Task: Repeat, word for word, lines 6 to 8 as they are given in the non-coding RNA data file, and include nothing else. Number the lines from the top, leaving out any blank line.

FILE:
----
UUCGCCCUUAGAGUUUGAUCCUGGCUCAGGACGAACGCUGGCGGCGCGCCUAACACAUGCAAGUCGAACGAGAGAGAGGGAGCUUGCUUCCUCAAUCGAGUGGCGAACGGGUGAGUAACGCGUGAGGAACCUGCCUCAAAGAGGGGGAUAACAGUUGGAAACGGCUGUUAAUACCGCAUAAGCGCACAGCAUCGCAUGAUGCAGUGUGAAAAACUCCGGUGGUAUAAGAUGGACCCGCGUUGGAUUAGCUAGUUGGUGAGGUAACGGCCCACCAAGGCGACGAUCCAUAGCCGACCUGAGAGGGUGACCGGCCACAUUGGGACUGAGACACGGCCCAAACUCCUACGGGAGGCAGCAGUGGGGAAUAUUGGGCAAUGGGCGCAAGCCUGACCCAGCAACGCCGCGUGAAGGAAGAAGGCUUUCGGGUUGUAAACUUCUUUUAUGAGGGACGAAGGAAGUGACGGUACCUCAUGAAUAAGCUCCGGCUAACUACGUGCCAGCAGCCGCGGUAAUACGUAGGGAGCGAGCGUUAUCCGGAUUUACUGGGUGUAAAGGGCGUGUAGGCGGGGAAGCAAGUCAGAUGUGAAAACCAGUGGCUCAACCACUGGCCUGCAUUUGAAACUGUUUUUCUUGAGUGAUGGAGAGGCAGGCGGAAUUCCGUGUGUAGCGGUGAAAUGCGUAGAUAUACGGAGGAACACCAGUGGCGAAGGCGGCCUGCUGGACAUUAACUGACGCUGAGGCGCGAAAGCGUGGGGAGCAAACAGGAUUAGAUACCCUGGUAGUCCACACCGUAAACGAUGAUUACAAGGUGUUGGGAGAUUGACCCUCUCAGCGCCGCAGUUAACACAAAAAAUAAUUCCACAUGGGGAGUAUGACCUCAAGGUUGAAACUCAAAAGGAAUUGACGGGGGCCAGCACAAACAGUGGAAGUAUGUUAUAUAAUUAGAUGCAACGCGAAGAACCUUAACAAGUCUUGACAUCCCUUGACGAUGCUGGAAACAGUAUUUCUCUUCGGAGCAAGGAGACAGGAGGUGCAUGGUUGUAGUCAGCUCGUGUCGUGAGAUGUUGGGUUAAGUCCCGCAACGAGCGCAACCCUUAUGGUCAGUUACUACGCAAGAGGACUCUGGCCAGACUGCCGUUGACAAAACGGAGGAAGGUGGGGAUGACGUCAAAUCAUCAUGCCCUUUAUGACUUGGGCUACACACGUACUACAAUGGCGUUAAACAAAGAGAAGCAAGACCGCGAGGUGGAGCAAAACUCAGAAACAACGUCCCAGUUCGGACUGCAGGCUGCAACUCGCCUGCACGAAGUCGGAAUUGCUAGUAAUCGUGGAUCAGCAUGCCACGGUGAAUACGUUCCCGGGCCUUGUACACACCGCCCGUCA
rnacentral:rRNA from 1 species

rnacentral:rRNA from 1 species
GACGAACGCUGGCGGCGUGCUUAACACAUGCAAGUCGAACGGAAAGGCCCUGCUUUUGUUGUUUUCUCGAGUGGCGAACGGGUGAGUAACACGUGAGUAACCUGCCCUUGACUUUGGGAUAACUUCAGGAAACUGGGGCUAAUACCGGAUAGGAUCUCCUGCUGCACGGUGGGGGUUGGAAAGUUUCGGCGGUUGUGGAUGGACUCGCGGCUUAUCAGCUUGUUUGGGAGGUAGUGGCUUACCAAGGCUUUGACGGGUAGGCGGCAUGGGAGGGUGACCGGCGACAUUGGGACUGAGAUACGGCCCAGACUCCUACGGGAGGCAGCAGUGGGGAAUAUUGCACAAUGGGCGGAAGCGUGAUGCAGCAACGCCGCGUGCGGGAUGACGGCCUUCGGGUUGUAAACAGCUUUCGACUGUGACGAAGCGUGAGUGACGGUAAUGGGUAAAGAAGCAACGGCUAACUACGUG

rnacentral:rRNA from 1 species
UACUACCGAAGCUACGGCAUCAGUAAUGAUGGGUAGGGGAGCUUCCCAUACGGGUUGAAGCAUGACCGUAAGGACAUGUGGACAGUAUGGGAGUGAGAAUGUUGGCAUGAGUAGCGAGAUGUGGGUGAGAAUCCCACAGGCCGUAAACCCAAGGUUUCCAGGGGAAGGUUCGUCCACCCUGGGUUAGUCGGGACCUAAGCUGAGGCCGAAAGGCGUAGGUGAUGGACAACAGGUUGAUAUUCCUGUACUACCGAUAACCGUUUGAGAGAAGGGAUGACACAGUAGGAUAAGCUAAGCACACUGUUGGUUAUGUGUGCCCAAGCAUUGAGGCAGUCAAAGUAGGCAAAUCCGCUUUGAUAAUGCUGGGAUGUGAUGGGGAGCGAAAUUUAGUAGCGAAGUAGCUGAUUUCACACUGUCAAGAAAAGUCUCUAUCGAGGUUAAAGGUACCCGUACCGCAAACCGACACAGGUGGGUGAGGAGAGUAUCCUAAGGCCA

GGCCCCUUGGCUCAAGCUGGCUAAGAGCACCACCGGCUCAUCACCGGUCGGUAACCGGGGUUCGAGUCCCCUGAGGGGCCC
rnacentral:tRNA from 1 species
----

UACUACCGAAGCUACGGCAUCAGUAAUGAUGGGUAGGGGAGCUUCCCAUACGGGUUGAAGCAUGACCGUAAGGACAUGUGGACAGUAUGGGAGUGAGAAUGUUGGCAUGAGUAGCGAGAUGUGGGUGAGAAUCCCACAGGCCGUAAACCCAAGGUUUCCAGGGGAAGGUUCGUCCACCCUGGGUUAGUCGGGACCUAAGCUGAGGCCGAAAGGCGUAGGUGAUGGACAACAGGUUGAUAUUCCUGUACUACCGAUAACCGUUUGAGAGAAGGGAUGACACAGUAGGAUAAGCUAAGCACACUGUUGGUUAUGUGUGCCCAAGCAUUGAGGCAGUCAAAGUAGGCAAAUCCGCUUUGAUAAUGCUGGGAUGUGAUGGGGAGCGAAAUUUAGUAGCGAAGUAGCUGAUUUCACACUGUCAAGAAAAGUCUCUAUCGAGGUUAAAGGUACCCGUACCGCAAACCGACACAGGUGGGUGAGGAGAGUAUCCUAAGGCCA

GGCCCCUUGGCUCAAGCUGGCUAAGAGCACCACCGGCUCAUCACCGGUCGGUAACCGGGGUUCGAGUCCCCUGAGGGGCCC
rnacentral:tRNA from 1 species